The View From 32


MAY 24, 2007  More below: AMAZON RECOMMENDS

The Long Tail coverA review-in-progress:

The Long Tail by Chris Anderson is one of those "buzz" books about the Internet economy that I've avoided because 1) no time to read it, and 2) the idea seems pretty simple, why a whole book about it?

But there it was on the shelf at the Lakewood Library and it looked like a quick read. Plus, I'm on summer break now, so I have time for books again.

Midway through the first chapter—called The Long Tail—I was ready to quit. I got it, I got it: because of the Internet, companies don't have to sell lots and lots of a few items to make money. They can digitally maintain catalogs of thousands, even millions of different movies, books, songs, whatever, and make money by selling small quantities of each.

I started to get interested as the author put more and more numbers behind the facts:

The most important thing about this isn't the huge difference in numbers of titles, it's that although many of the titles only sell in small quantities, they add up to 21-40% of the online retailers' total sales. In other words, there's big bucks in small quantities.

Chapters 2 through 5 connect the dots between Kasey Kasem's Top 40, the Sears catalog, and Wikipedia in a way that's pretty interesting. So despite my early misgivings I've found myself drawn into the details of what author Anderson calls "creating a consumer paradise." Not sure that this represents a great advance for civilization, but it's something I'd like to understand a bit better.  I'm pretty sure that there's important ideas for web designers here.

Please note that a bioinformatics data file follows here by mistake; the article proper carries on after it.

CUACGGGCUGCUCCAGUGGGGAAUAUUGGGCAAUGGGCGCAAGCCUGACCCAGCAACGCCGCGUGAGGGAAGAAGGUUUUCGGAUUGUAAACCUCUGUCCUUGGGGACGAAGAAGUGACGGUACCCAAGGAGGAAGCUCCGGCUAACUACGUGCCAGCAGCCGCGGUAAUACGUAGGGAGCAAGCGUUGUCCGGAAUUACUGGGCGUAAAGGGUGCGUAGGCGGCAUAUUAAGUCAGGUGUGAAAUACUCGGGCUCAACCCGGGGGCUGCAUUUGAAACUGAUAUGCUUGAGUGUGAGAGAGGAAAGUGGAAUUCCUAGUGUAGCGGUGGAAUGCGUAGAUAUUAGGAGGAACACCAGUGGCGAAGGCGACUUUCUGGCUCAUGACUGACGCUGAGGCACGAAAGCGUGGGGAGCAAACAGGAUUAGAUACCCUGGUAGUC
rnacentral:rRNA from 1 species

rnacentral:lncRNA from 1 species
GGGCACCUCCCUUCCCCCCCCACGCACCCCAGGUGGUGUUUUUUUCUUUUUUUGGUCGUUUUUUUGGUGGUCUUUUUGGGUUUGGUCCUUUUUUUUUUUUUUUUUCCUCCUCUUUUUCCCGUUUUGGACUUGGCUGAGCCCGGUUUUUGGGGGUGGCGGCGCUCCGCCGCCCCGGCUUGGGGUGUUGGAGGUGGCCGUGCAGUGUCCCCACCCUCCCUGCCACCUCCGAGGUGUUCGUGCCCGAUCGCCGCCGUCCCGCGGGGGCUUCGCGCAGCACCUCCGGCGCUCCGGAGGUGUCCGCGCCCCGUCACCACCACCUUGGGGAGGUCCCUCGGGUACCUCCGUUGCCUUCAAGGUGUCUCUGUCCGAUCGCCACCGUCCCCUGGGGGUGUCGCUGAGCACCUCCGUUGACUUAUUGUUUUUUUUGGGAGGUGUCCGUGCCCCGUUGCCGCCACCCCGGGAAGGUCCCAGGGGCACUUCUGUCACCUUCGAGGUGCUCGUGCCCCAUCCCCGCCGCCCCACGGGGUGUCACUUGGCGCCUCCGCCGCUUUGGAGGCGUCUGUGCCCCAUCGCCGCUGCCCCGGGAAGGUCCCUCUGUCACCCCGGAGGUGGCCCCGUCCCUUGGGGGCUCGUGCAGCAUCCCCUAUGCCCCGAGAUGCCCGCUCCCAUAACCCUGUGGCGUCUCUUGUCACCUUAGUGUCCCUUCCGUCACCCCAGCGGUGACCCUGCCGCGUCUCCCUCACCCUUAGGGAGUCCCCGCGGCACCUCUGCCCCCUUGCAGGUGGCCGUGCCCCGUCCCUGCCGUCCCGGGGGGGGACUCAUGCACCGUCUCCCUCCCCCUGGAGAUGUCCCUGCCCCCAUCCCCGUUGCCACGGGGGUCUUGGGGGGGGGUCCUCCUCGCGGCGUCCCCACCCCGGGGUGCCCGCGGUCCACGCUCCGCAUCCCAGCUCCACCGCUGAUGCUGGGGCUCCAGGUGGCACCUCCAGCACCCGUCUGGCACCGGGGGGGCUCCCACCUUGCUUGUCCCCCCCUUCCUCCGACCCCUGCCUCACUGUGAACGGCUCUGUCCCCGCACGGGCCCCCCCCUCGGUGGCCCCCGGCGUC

More on the book in a day or two when I finish it.


Amazon reads my mind

Another book I picked up at the library is Water for Elephants, A Novel, by Sara Gruen. I've had a string of poor choices in novels recently, books with interesting story ideas written in a style that was boring and/or annoying. I was slogging through the books just to find out how the stories ended rather than enjoying them. Water for Elephants is different; it's a pleasure to read. So while I've been mentally patting myself on the back for finally picking a good book, it was kind of spooky to go to today and find that very same book—which I'd never heard of before—on the "Recommended for You" list.

It may not be that spooky, really. Amazon bases its suggestions on ratings I've given to other books I've read. When I go to the library I look for book covers that look interesting, then read the jacket blurb. Amazon's method make more sense.